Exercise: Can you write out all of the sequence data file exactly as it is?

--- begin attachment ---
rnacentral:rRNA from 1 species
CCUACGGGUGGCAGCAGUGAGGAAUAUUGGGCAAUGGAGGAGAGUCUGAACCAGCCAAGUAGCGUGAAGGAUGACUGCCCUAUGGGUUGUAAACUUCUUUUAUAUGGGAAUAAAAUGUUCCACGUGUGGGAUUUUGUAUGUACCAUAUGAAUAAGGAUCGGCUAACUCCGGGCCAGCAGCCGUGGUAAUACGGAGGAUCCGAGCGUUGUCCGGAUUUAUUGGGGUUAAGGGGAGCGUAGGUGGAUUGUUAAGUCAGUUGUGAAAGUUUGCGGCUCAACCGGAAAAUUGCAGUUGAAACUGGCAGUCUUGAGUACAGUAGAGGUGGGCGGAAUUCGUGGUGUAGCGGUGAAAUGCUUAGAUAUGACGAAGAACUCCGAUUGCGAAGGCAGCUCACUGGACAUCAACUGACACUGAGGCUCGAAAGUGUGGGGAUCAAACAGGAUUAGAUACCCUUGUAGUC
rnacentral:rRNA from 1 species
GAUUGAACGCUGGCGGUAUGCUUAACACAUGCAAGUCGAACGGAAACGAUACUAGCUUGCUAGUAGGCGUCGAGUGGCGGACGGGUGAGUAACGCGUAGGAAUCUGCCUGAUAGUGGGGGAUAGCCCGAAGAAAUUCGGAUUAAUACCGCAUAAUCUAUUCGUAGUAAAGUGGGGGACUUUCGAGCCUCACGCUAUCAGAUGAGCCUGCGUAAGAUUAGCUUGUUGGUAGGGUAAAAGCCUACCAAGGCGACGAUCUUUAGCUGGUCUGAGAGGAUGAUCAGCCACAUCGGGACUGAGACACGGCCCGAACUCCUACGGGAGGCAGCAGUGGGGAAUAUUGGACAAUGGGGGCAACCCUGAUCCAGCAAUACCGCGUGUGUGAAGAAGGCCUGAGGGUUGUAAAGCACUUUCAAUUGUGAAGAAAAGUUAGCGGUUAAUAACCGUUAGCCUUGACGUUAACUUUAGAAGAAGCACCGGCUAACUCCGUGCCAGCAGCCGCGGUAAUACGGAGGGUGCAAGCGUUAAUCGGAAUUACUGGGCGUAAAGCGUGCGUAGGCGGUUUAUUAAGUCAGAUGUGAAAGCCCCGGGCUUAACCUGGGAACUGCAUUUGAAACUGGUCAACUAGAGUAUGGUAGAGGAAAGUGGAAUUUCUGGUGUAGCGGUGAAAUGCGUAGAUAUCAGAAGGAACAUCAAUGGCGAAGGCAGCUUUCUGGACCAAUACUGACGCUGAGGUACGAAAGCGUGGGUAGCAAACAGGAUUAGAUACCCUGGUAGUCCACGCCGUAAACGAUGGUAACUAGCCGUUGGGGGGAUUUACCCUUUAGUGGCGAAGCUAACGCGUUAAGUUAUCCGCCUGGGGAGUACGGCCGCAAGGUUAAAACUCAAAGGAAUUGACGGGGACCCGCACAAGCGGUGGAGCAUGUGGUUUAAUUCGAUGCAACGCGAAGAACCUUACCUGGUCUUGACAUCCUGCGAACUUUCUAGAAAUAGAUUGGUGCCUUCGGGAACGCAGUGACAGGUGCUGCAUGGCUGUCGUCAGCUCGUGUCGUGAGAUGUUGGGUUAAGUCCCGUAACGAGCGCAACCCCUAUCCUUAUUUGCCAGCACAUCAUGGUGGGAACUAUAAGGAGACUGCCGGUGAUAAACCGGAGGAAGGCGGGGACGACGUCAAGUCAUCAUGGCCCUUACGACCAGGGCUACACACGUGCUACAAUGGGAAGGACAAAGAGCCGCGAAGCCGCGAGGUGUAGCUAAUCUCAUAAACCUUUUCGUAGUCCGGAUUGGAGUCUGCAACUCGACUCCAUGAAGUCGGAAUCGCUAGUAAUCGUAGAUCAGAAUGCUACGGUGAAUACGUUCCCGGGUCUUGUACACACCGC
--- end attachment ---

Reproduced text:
rnacentral:rRNA from 1 species
CCUACGGGUGGCAGCAGUGAGGAAUAUUGGGCAAUGGAGGAGAGUCUGAACCAGCCAAGUAGCGUGAAGGAUGACUGCCCUAUGGGUUGUAAACUUCUUUUAUAUGGGAAUAAAAUGUUCCACGUGUGGGAUUUUGUAUGUACCAUAUGAAUAAGGAUCGGCUAACUCCGGGCCAGCAGCCGUGGUAAUACGGAGGAUCCGAGCGUUGUCCGGAUUUAUUGGGGUUAAGGGGAGCGUAGGUGGAUUGUUAAGUCAGUUGUGAAAGUUUGCGGCUCAACCGGAAAAUUGCAGUUGAAACUGGCAGUCUUGAGUACAGUAGAGGUGGGCGGAAUUCGUGGUGUAGCGGUGAAAUGCUUAGAUAUGACGAAGAACUCCGAUUGCGAAGGCAGCUCACUGGACAUCAACUGACACUGAGGCUCGAAAGUGUGGGGAUCAAACAGGAUUAGAUACCCUUGUAGUC
rnacentral:rRNA from 1 species
GAUUGAACGCUGGCGGUAUGCUUAACACAUGCAAGUCGAACGGAAACGAUACUAGCUUGCUAGUAGGCGUCGAGUGGCGGACGGGUGAGUAACGCGUAGGAAUCUGCCUGAUAGUGGGGGAUAGCCCGAAGAAAUUCGGAUUAAUACCGCAUAAUCUAUUCGUAGUAAAGUGGGGGACUUUCGAGCCUCACGCUAUCAGAUGAGCCUGCGUAAGAUUAGCUUGUUGGUAGGGUAAAAGCCUACCAAGGCGACGAUCUUUAGCUGGUCUGAGAGGAUGAUCAGCCACAUCGGGACUGAGACACGGCCCGAACUCCUACGGGAGGCAGCAGUGGGGAAUAUUGGACAAUGGGGGCAACCCUGAUCCAGCAAUACCGCGUGUGUGAAGAAGGCCUGAGGGUUGUAAAGCACUUUCAAUUGUGAAGAAAAGUUAGCGGUUAAUAACCGUUAGCCUUGACGUUAACUUUAGAAGAAGCACCGGCUAACUCCGUGCCAGCAGCCGCGGUAAUACGGAGGGUGCAAGCGUUAAUCGGAAUUACUGGGCGUAAAGCGUGCGUAGGCGGUUUAUUAAGUCAGAUGUGAAAGCCCCGGGCUUAACCUGGGAACUGCAUUUGAAACUGGUCAACUAGAGUAUGGUAGAGGAAAGUGGAAUUUCUGGUGUAGCGGUGAAAUGCGUAGAUAUCAGAAGGAACAUCAAUGGCGAAGGCAGCUUUCUGGACCAAUACUGACGCUGAGGUACGAAAGCGUGGGUAGCAAACAGGAUUAGAUACCCUGGUAGUCCACGCCGUAAACGAUGGUAACUAGCCGUUGGGGGGAUUUACCCUUUAGUGGCGAAGCUAACGCGUUAAGUUAUCCGCCUGGGGAGUACGGCCGCAAGGUUAAAACUCAAAGGAAUUGACGGGGACCCGCACAAGCGGUGGAGCAUGUGGUUUAAUUCGAUGCAACGCGAAGAACCUUACCUGGUCUUGACAUCCUGCGAACUUUCUAGAAAUAGAUUGGUGCCUUCGGGAACGCAGUGACAGGUGCUGCAUGGCUGUCGUCAGCUCGUGUCGUGAGAUGUUGGGUUAAGUCCCGUAACGAGCGCAACCCCUAUCCUUAUUUGCCAGCACAUCAUGGUGGGAACUAUAAGGAGACUGCCGGUGAUAAACCGGAGGAAGGCGGGGACGACGUCAAGUCAUCAUGGCCCUUACGACCAGGGCUACACACGUGCUACAAUGGGAAGGACAAAGAGCCGCGAAGCCGCGAGGUGUAGCUAAUCUCAUAAACCUUUUCGUAGUCCGGAUUGGAGUCUGCAACUCGACUCCAUGAAGUCGGAAUCGCUAGUAAUCGUAGAUCAGAAUGCUACGGUGAAUACGUUCCCGGGUCUUGUACACACCGC